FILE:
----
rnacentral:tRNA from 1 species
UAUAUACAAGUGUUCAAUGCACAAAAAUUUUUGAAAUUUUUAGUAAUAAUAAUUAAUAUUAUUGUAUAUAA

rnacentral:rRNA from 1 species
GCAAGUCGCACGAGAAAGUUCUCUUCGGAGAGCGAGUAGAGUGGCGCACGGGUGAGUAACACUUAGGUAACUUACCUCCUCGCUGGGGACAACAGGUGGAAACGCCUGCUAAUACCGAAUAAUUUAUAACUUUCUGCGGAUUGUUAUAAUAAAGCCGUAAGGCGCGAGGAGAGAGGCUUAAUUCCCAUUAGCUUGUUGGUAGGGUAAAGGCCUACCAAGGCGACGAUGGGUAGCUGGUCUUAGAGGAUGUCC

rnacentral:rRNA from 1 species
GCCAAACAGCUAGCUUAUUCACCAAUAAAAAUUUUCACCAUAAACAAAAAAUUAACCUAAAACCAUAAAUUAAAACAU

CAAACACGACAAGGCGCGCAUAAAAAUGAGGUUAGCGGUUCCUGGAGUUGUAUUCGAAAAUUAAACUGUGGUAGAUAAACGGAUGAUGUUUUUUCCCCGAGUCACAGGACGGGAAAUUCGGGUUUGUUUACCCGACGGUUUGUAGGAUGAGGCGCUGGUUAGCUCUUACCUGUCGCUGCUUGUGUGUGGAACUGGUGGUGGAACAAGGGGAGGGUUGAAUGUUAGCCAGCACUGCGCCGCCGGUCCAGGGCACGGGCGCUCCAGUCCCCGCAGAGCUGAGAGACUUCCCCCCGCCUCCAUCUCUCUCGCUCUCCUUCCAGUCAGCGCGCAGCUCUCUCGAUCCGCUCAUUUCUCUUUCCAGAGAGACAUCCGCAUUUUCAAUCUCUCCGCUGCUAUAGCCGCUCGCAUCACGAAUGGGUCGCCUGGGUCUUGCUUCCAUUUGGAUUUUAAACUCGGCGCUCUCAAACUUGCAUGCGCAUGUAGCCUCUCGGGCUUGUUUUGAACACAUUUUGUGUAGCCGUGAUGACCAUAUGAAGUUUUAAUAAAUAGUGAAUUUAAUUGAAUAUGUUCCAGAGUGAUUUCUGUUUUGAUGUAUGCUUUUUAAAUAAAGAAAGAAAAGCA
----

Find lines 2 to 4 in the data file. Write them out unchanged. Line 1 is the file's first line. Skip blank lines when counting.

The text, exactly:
UAUAUACAAGUGUUCAAUGCACAAAAAUUUUUGAAAUUUUUAGUAAUAAUAAUUAAUAUUAUUGUAUAUAA

rnacentral:rRNA from 1 species
GCAAGUCGCACGAGAAAGUUCUCUUCGGAGAGCGAGUAGAGUGGCGCACGGGUGAGUAACACUUAGGUAACUUACCUCCUCGCUGGGGACAACAGGUGGAAACGCCUGCUAAUACCGAAUAAUUUAUAACUUUCUGCGGAUUGUUAUAAUAAAGCCGUAAGGCGCGAGGAGAGAGGCUUAAUUCCCAUUAGCUUGUUGGUAGGGUAAAGGCCUACCAAGGCGACGAUGGGUAGCUGGUCUUAGAGGAUGUCC